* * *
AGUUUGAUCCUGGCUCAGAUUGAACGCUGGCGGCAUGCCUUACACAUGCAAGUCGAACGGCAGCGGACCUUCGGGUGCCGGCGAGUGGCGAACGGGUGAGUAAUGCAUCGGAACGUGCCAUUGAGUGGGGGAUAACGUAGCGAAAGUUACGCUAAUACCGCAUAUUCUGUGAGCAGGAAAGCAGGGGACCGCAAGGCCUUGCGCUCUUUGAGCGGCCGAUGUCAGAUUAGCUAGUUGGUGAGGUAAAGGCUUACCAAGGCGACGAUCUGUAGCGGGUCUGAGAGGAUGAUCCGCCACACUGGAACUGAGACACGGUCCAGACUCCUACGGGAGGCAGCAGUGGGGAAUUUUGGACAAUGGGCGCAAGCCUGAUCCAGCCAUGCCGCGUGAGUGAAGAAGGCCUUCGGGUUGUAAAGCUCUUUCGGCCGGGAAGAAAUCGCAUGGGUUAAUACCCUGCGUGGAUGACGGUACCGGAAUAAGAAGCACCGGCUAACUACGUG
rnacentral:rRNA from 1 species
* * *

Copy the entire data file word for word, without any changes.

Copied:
AGUUUGAUCCUGGCUCAGAUUGAACGCUGGCGGCAUGCCUUACACAUGCAAGUCGAACGGCAGCGGACCUUCGGGUGCCGGCGAGUGGCGAACGGGUGAGUAAUGCAUCGGAACGUGCCAUUGAGUGGGGGAUAACGUAGCGAAAGUUACGCUAAUACCGCAUAUUCUGUGAGCAGGAAAGCAGGGGACCGCAAGGCCUUGCGCUCUUUGAGCGGCCGAUGUCAGAUUAGCUAGUUGGUGAGGUAAAGGCUUACCAAGGCGACGAUCUGUAGCGGGUCUGAGAGGAUGAUCCGCCACACUGGAACUGAGACACGGUCCAGACUCCUACGGGAGGCAGCAGUGGGGAAUUUUGGACAAUGGGCGCAAGCCUGAUCCAGCCAUGCCGCGUGAGUGAAGAAGGCCUUCGGGUUGUAAAGCUCUUUCGGCCGGGAAGAAAUCGCAUGGGUUAAUACCCUGCGUGGAUGACGGUACCGGAAUAAGAAGCACCGGCUAACUACGUG
rnacentral:rRNA from 1 species